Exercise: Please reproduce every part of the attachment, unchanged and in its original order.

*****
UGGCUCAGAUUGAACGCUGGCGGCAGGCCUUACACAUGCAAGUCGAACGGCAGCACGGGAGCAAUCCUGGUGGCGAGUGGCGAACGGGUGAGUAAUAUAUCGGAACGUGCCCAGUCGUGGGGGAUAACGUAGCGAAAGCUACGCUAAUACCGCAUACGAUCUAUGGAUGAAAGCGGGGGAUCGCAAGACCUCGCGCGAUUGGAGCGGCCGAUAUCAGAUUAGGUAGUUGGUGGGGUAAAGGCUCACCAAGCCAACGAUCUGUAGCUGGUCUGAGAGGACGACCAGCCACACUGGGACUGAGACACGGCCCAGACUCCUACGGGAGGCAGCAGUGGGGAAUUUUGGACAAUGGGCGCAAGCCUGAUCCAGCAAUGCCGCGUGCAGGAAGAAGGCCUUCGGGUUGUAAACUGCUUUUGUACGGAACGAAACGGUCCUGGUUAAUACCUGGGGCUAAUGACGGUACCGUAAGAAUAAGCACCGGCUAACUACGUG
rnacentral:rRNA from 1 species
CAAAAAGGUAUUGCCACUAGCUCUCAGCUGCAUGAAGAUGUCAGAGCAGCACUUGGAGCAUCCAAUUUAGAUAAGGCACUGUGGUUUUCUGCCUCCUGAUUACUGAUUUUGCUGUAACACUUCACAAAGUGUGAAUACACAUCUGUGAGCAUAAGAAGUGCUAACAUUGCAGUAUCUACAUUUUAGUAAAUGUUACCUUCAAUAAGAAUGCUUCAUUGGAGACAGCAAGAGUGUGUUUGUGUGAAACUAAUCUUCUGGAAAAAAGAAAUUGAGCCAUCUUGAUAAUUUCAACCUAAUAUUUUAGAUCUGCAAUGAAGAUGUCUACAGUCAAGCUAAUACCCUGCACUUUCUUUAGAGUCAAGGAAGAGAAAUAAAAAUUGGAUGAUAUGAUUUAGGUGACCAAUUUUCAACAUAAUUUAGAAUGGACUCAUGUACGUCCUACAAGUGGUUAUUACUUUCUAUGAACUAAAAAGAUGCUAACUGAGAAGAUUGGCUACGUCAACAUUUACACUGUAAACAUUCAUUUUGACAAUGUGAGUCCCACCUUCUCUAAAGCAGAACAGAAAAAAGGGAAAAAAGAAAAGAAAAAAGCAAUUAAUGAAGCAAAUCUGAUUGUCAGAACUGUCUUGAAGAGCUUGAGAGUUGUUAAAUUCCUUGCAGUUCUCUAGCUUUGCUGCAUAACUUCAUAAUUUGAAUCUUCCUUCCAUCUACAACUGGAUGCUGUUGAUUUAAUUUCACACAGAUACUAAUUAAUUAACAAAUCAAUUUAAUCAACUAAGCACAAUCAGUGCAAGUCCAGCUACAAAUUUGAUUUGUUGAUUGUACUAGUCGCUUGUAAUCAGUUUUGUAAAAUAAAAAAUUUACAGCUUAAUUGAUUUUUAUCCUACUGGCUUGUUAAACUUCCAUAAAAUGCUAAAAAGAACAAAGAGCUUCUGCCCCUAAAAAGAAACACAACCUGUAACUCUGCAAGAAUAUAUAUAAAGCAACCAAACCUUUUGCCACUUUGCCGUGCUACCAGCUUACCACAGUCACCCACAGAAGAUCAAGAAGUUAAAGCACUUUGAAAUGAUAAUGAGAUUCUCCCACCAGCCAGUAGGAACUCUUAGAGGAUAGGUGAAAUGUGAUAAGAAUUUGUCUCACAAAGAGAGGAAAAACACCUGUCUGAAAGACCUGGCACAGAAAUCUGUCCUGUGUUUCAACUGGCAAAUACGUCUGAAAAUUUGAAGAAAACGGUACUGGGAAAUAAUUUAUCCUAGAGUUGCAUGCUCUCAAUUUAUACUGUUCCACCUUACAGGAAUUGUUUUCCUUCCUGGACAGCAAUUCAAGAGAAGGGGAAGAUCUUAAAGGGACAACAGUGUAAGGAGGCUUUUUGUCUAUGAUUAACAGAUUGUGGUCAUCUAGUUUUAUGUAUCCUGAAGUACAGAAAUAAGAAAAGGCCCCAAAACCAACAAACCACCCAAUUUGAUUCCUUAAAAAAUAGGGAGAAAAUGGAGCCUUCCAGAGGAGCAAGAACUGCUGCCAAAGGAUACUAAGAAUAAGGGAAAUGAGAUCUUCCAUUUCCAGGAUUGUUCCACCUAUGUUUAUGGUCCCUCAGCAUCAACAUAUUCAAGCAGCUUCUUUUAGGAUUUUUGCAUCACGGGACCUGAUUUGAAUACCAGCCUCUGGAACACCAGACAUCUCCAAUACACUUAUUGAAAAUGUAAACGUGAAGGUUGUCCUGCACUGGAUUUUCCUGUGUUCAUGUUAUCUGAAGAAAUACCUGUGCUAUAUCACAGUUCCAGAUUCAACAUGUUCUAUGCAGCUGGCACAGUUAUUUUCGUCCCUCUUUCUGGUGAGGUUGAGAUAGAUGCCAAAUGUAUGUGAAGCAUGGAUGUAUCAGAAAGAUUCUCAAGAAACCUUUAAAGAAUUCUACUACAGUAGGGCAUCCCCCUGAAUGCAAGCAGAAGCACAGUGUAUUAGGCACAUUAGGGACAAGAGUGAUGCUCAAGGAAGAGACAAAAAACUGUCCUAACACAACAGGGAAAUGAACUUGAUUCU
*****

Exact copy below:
UGGCUCAGAUUGAACGCUGGCGGCAGGCCUUACACAUGCAAGUCGAACGGCAGCACGGGAGCAAUCCUGGUGGCGAGUGGCGAACGGGUGAGUAAUAUAUCGGAACGUGCCCAGUCGUGGGGGAUAACGUAGCGAAAGCUACGCUAAUACCGCAUACGAUCUAUGGAUGAAAGCGGGGGAUCGCAAGACCUCGCGCGAUUGGAGCGGCCGAUAUCAGAUUAGGUAGUUGGUGGGGUAAAGGCUCACCAAGCCAACGAUCUGUAGCUGGUCUGAGAGGACGACCAGCCACACUGGGACUGAGACACGGCCCAGACUCCUACGGGAGGCAGCAGUGGGGAAUUUUGGACAAUGGGCGCAAGCCUGAUCCAGCAAUGCCGCGUGCAGGAAGAAGGCCUUCGGGUUGUAAACUGCUUUUGUACGGAACGAAACGGUCCUGGUUAAUACCUGGGGCUAAUGACGGUACCGUAAGAAUAAGCACCGGCUAACUACGUG
rnacentral:rRNA from 1 species
CAAAAAGGUAUUGCCACUAGCUCUCAGCUGCAUGAAGAUGUCAGAGCAGCACUUGGAGCAUCCAAUUUAGAUAAGGCACUGUGGUUUUCUGCCUCCUGAUUACUGAUUUUGCUGUAACACUUCACAAAGUGUGAAUACACAUCUGUGAGCAUAAGAAGUGCUAACAUUGCAGUAUCUACAUUUUAGUAAAUGUUACCUUCAAUAAGAAUGCUUCAUUGGAGACAGCAAGAGUGUGUUUGUGUGAAACUAAUCUUCUGGAAAAAAGAAAUUGAGCCAUCUUGAUAAUUUCAACCUAAUAUUUUAGAUCUGCAAUGAAGAUGUCUACAGUCAAGCUAAUACCCUGCACUUUCUUUAGAGUCAAGGAAGAGAAAUAAAAAUUGGAUGAUAUGAUUUAGGUGACCAAUUUUCAACAUAAUUUAGAAUGGACUCAUGUACGUCCUACAAGUGGUUAUUACUUUCUAUGAACUAAAAAGAUGCUAACUGAGAAGAUUGGCUACGUCAACAUUUACACUGUAAACAUUCAUUUUGACAAUGUGAGUCCCACCUUCUCUAAAGCAGAACAGAAAAAAGGGAAAAAAGAAAAGAAAAAAGCAAUUAAUGAAGCAAAUCUGAUUGUCAGAACUGUCUUGAAGAGCUUGAGAGUUGUUAAAUUCCUUGCAGUUCUCUAGCUUUGCUGCAUAACUUCAUAAUUUGAAUCUUCCUUCCAUCUACAACUGGAUGCUGUUGAUUUAAUUUCACACAGAUACUAAUUAAUUAACAAAUCAAUUUAAUCAACUAAGCACAAUCAGUGCAAGUCCAGCUACAAAUUUGAUUUGUUGAUUGUACUAGUCGCUUGUAAUCAGUUUUGUAAAAUAAAAAAUUUACAGCUUAAUUGAUUUUUAUCCUACUGGCUUGUUAAACUUCCAUAAAAUGCUAAAAAGAACAAAGAGCUUCUGCCCCUAAAAAGAAACACAACCUGUAACUCUGCAAGAAUAUAUAUAAAGCAACCAAACCUUUUGCCACUUUGCCGUGCUACCAGCUUACCACAGUCACCCACAGAAGAUCAAGAAGUUAAAGCACUUUGAAAUGAUAAUGAGAUUCUCCCACCAGCCAGUAGGAACUCUUAGAGGAUAGGUGAAAUGUGAUAAGAAUUUGUCUCACAAAGAGAGGAAAAACACCUGUCUGAAAGACCUGGCACAGAAAUCUGUCCUGUGUUUCAACUGGCAAAUACGUCUGAAAAUUUGAAGAAAACGGUACUGGGAAAUAAUUUAUCCUAGAGUUGCAUGCUCUCAAUUUAUACUGUUCCACCUUACAGGAAUUGUUUUCCUUCCUGGACAGCAAUUCAAGAGAAGGGGAAGAUCUUAAAGGGACAACAGUGUAAGGAGGCUUUUUGUCUAUGAUUAACAGAUUGUGGUCAUCUAGUUUUAUGUAUCCUGAAGUACAGAAAUAAGAAAAGGCCCCAAAACCAACAAACCACCCAAUUUGAUUCCUUAAAAAAUAGGGAGAAAAUGGAGCCUUCCAGAGGAGCAAGAACUGCUGCCAAAGGAUACUAAGAAUAAGGGAAAUGAGAUCUUCCAUUUCCAGGAUUGUUCCACCUAUGUUUAUGGUCCCUCAGCAUCAACAUAUUCAAGCAGCUUCUUUUAGGAUUUUUGCAUCACGGGACCUGAUUUGAAUACCAGCCUCUGGAACACCAGACAUCUCCAAUACACUUAUUGAAAAUGUAAACGUGAAGGUUGUCCUGCACUGGAUUUUCCUGUGUUCAUGUUAUCUGAAGAAAUACCUGUGCUAUAUCACAGUUCCAGAUUCAACAUGUUCUAUGCAGCUGGCACAGUUAUUUUCGUCCCUCUUUCUGGUGAGGUUGAGAUAGAUGCCAAAUGUAUGUGAAGCAUGGAUGUAUCAGAAAGAUUCUCAAGAAACCUUUAAAGAAUUCUACUACAGUAGGGCAUCCCCCUGAAUGCAAGCAGAAGCACAGUGUAUUAGGCACAUUAGGGACAAGAGUGAUGCUCAAGGAAGAGACAAAAAACUGUCCUAACACAACAGGGAAAUGAACUUGAUUCU